Application Note: Cell Sorting Based on RNA Detection in Living Cells Using SmartFlare™ RNA Detection Reagents
17 June 2013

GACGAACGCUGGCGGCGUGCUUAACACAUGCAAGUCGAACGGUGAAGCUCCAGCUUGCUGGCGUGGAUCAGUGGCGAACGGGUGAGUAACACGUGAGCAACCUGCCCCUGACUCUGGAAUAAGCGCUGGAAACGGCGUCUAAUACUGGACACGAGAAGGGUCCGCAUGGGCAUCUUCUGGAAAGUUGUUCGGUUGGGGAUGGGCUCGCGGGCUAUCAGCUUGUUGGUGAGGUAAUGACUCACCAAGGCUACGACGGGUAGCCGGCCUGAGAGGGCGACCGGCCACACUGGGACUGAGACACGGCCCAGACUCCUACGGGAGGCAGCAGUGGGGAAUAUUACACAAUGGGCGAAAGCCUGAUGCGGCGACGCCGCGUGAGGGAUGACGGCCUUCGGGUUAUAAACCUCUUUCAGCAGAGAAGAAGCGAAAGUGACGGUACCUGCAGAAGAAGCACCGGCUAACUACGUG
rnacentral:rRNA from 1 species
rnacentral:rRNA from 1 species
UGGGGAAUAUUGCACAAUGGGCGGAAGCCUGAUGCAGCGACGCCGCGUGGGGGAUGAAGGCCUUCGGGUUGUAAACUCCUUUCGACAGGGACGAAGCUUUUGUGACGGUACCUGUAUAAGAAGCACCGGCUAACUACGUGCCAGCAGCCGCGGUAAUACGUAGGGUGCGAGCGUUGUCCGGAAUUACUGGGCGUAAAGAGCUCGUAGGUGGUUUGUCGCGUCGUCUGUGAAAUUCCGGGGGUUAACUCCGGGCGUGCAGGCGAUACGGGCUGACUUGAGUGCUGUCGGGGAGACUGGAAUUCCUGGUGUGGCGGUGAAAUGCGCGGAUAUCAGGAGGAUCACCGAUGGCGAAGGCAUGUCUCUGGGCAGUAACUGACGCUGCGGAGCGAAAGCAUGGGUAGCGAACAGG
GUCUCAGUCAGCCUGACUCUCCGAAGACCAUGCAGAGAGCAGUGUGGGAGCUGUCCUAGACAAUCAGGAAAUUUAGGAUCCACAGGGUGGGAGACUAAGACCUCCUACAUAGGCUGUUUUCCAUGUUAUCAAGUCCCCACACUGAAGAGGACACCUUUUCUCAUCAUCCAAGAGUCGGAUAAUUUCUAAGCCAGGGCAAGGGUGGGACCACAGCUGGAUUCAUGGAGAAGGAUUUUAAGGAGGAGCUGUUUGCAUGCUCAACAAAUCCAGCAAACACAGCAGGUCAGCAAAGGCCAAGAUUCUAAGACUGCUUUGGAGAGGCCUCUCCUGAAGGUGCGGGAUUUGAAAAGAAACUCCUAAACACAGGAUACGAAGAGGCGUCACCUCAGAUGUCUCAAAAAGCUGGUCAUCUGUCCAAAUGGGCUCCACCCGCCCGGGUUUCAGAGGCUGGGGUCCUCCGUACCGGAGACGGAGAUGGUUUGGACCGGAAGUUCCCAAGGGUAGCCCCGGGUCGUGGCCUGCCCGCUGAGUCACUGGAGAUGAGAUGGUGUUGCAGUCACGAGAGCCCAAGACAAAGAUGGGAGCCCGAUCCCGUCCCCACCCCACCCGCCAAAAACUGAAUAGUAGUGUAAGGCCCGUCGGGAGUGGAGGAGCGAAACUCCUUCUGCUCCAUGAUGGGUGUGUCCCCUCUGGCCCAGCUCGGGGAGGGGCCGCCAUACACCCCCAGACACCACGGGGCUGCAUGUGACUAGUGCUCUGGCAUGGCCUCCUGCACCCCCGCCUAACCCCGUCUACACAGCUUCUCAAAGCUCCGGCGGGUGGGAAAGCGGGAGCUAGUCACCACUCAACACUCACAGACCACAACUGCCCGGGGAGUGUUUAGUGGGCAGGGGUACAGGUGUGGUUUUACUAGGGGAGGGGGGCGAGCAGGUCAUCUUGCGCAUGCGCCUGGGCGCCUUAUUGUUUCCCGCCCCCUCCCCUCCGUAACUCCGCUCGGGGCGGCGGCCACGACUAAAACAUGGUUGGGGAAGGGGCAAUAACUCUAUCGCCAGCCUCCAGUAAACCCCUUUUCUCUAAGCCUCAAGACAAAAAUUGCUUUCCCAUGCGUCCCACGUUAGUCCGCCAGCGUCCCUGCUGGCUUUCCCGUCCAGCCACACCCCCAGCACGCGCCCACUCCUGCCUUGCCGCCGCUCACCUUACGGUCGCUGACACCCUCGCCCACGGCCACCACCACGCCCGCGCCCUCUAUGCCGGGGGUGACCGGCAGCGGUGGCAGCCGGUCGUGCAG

Cell sorting enables the isolation of highly pure cell subpopulations, increasing the statistical significance of observed relationships between gene expression and phenotype, especially for rare events. Live cell sorting has traditionally been accomplished by detecting the presence of unique cell surface proteins, which have been identified through the use of fluorescently labeled antibodies. However, live cells cannot be sorted based on endogenous intracellular protein markers, because cells have to be fixed and permeabilized for antibody staining. Sometimes cells can be sorted on the basis of transfected reporter constructs; however, this treatment also compromises cell integrity and may perturb cellular pathways, confounding downstream analyses. In this application note read how live cells can be sorted based on RNA expression levels. The ability to detect and separate live cells based on the level of a specific RNA target provides a new opportunity to study cellular functions and identify rare cell types such as certain tumor cells and cancer stem cells.